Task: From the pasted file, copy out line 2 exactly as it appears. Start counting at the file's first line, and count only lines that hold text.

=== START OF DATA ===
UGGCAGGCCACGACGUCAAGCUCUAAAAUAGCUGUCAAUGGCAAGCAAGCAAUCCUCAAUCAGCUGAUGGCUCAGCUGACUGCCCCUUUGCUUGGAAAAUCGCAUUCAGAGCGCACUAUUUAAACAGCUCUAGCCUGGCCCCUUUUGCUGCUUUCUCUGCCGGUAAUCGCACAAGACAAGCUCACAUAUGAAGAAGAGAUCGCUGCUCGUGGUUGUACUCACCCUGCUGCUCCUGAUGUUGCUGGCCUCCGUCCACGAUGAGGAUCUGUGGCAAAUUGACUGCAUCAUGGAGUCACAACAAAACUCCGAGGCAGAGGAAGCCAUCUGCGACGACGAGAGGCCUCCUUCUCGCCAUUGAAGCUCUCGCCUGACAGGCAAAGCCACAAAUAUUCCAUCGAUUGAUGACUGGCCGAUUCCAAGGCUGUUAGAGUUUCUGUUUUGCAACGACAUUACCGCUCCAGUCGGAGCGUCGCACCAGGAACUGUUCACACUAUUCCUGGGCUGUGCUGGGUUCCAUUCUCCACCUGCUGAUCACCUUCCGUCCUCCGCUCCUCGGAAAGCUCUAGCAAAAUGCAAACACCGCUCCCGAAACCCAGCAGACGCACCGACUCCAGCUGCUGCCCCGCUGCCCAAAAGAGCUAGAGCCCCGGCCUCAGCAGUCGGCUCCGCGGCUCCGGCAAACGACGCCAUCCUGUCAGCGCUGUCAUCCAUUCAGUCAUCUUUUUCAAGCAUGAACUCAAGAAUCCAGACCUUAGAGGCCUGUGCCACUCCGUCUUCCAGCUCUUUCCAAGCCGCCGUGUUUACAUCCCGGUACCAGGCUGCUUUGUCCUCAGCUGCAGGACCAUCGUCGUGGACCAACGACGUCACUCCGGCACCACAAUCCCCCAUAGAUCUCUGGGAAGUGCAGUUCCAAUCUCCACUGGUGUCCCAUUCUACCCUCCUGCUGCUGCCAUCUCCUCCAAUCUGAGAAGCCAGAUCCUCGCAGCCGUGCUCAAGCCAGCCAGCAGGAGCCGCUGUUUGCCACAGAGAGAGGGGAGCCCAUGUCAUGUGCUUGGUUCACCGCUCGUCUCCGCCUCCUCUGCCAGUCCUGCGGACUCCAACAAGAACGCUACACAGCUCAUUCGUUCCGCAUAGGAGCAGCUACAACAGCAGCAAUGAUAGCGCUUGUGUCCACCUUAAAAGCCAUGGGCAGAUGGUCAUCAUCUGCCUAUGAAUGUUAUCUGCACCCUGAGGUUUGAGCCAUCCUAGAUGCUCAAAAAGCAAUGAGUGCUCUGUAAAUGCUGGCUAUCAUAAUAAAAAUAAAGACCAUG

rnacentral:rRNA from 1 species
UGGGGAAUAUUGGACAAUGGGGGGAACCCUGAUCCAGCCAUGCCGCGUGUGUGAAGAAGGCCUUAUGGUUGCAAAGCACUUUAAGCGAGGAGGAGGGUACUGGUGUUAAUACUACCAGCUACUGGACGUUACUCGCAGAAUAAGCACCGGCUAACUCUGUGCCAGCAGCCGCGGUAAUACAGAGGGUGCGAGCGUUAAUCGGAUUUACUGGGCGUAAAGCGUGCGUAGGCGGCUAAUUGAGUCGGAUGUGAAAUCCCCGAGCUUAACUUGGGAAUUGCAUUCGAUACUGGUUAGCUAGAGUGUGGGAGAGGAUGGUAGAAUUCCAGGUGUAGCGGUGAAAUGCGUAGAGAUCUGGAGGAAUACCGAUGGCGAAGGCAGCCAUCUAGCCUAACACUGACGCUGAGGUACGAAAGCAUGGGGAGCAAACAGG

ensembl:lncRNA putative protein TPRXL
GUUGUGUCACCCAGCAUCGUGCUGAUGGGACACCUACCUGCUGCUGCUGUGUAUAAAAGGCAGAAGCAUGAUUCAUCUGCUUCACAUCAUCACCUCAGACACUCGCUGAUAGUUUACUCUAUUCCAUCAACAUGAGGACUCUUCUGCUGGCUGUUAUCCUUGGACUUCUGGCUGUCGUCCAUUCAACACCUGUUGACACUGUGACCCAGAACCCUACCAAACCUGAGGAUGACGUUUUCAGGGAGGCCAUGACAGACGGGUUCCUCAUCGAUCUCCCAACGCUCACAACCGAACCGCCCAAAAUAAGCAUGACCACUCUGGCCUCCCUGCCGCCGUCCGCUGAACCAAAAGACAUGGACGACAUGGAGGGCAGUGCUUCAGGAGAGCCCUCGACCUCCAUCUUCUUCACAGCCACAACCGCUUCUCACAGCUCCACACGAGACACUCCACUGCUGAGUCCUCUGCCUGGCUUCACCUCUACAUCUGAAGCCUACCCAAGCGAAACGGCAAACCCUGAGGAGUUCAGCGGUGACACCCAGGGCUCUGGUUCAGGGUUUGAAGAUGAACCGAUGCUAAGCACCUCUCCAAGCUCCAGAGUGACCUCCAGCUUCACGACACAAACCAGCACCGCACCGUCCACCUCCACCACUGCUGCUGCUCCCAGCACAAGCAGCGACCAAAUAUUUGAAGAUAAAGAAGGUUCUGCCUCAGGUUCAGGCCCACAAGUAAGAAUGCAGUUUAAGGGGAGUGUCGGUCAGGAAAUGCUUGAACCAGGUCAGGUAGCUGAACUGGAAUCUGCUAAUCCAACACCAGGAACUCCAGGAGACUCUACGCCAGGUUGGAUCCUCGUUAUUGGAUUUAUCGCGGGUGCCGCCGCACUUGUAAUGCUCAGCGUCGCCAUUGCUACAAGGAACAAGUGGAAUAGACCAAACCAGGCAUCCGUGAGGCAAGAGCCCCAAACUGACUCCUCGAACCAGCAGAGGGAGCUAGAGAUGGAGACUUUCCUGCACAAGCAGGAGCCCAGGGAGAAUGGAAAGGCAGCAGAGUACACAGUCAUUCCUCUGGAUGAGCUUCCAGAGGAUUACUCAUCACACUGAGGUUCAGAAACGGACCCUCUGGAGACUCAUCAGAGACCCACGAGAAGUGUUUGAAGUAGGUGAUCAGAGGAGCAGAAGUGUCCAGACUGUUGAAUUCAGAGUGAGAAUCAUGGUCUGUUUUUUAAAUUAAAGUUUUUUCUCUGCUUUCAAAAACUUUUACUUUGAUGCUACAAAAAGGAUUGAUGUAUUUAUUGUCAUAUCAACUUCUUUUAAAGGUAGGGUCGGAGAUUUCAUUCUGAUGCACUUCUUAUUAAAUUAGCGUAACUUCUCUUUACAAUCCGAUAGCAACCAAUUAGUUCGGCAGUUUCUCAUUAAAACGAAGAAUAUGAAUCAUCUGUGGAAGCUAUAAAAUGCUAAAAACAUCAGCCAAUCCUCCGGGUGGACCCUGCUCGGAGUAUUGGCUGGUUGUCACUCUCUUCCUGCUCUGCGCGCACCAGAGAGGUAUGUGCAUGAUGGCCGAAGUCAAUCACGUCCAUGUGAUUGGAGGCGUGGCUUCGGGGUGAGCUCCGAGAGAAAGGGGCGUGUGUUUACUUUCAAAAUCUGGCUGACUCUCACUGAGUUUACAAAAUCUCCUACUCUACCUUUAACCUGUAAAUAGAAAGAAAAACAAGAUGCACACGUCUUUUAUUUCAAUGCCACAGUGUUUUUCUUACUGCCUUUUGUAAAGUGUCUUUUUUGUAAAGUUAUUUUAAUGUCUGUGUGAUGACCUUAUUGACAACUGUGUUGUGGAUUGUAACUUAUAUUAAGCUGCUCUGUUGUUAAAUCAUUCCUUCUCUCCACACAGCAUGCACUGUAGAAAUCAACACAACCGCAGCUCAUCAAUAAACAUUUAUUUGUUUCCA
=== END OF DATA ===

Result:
rnacentral:rRNA from 1 species